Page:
While I’m reading all this, I’m also trying to keep abreast of a thoroughly modern debate taking place worldwide, concerning the veracity of an exciting new result in cosmology on the formation of the first stars. It seems a group studying the cosmic microwave background think they have found evidence of a signal representing the absorption of radiation from the first stars. This is exciting enough if correct, but the dramatic part is that the signal is much larger than expected, and one explanation is that this effect may be due to the presence of Dark Matter.

If true, the result would be a major step in our understanding of the formation of stars,  plus a major step in the demonstration of the existence of Dark Matter. However, it’s early days – there are many possible sources of a spurious signal and signals that are larger than expected have a poor history in modern physics! There is a nice article on this in The Guardian, and you can see some of the debate on Peter Coles’s blog In the Dark.  Right or wrong, it’s a good example of how scientific discovery works – if the team can show they have taken all possible spurious results into account, and if other groups find the same result, skepticism will soon be converted into excited acceptance.

All in all, a great day so far. My only concern is that this is the way academia should be – with our day-to-day commitments in teaching and research, it’s easy to forget there is a larger academic world out there.


Of course, the best part is the walk into the village when it finally stops chucking down. can’t believe my local pub is open!


Dunmore East in the snow today


by cormac at March 02, 2018 01:44 PM

Lubos Motl - string vacua and pheno

General strategy of naturalness is just plain logical inference
Backreaction has launched another crusade against naturalness in high-energy physics.
Who is crazy now? (In which I am stunned to encounter people who agree with me that naturalness is nonsense.)
It may be appropriate to start with an answer to the question in that title. Sabine Hossenfelder isn't crazy. Instead, these statements are yet another almost rigorous proof that she is a 100% incompetent, fake physicist – a layman who has no clue about modern physics. It's something else than being crazy. Over 7.5 billion people in the world misunderstand naturalness but they're not "crazy".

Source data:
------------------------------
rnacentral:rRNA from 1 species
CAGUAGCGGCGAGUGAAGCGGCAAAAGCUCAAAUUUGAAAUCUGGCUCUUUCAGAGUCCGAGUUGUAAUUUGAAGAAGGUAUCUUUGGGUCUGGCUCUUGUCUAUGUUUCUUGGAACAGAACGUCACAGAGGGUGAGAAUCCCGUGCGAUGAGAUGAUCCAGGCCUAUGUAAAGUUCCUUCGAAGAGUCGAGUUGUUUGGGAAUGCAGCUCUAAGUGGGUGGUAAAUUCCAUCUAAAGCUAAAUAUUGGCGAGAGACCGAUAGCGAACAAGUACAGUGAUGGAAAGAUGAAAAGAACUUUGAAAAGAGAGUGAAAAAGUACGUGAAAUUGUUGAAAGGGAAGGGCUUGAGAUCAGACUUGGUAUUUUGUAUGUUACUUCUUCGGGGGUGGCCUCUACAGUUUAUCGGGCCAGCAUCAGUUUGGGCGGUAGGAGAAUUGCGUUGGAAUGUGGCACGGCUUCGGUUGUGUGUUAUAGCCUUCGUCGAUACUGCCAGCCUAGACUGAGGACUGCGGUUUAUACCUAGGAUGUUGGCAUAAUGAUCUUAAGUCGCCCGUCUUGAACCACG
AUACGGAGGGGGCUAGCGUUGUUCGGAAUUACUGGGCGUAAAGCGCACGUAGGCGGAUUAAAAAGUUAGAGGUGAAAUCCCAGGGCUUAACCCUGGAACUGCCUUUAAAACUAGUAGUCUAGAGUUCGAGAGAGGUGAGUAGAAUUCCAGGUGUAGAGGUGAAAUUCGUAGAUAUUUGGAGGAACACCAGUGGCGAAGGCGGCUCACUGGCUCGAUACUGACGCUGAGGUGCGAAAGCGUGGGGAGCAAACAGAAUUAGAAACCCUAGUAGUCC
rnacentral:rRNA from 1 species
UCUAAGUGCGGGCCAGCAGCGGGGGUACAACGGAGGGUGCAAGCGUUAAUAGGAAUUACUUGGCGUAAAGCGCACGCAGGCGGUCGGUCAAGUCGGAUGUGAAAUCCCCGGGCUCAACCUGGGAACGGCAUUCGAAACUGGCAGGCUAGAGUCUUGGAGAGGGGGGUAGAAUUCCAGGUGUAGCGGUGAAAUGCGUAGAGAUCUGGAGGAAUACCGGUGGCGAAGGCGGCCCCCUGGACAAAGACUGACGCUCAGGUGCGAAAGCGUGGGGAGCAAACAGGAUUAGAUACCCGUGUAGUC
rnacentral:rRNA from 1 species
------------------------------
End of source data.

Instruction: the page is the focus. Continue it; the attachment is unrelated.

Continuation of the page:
We're offered a picture of white teeth with the rhetorical question: Are they natural? Well, sometimes one can feel that the whiteness has been enhanced (but sometimes by very natural procedures and stuff!). But lots of people have really natural white teeth. And things like fillings are surely a symptom of unnatural, artificial interventions into the teeth, aren't they? So if the dental context were discussed cleverly, it could provide us with good enough analogies to particle physics: violations of the "beauty" such as the dental fillings surely betray an unnatural intervention. But she doesn't want to do that.

I won't discuss her suggestions that some hassles with her tooth crown demonstrate a point in particle physics. They don't and the suggestion is so dumb that I won't honor it with a response. The color and slope of the teeth follow from some (statistical) laws of biology, chemistry, and physics. And these laws may be discussed from the viewpoint of naturalness, too. The idea that naturalness fails in these contexts is as wrong as all of her other statements about contemporary particle physics.

Naturalness is an argument in favor of a physical theory – and against other, unnatural theories. There are various detailed meanings of the word "naturalness" that differ by their precision. One may talk about naturalness at a very general level – something that allows us to distinguish whether something has evolved in nature or whether it has been created through the human creation or modified by human interventions or engineering. We want the laws of physics to be natural in this sense because we assume that they weren't constructed by a human engineer.

The most general meaning of naturalness may be an expression of someone's feelings and emotions which lacks any definition that could be written in terms of mathematical symbols or at least words.

But particle physicists tend to use a more special type of naturalness. The dimensionless parameters that determine the natural theory – a theory that gets a good grade from naturalness, and this grade matters – shouldn't be extremely large or extremely small in comparison with one: they should be of order one. The most precise, technical naturalness formulates these requirements more accurately and takes the assumed global symmetries into account. One may insert some reasoning that has led most phenomenologists to assume that for every massive scalar particle such as the Higgs boson, there should exist additional particles whose masses are of the same order as the Higgs mass and that help to keep the Higgs boson comparably light. I've always had doubts about this "strongest" form of naturalness – scales may be hypothetically generated as exponentially small by various mechanisms etc. – but it was still true that these arguments have increased the probability that the simple picture with "additional light enough particles" is right – increased but not to 100%.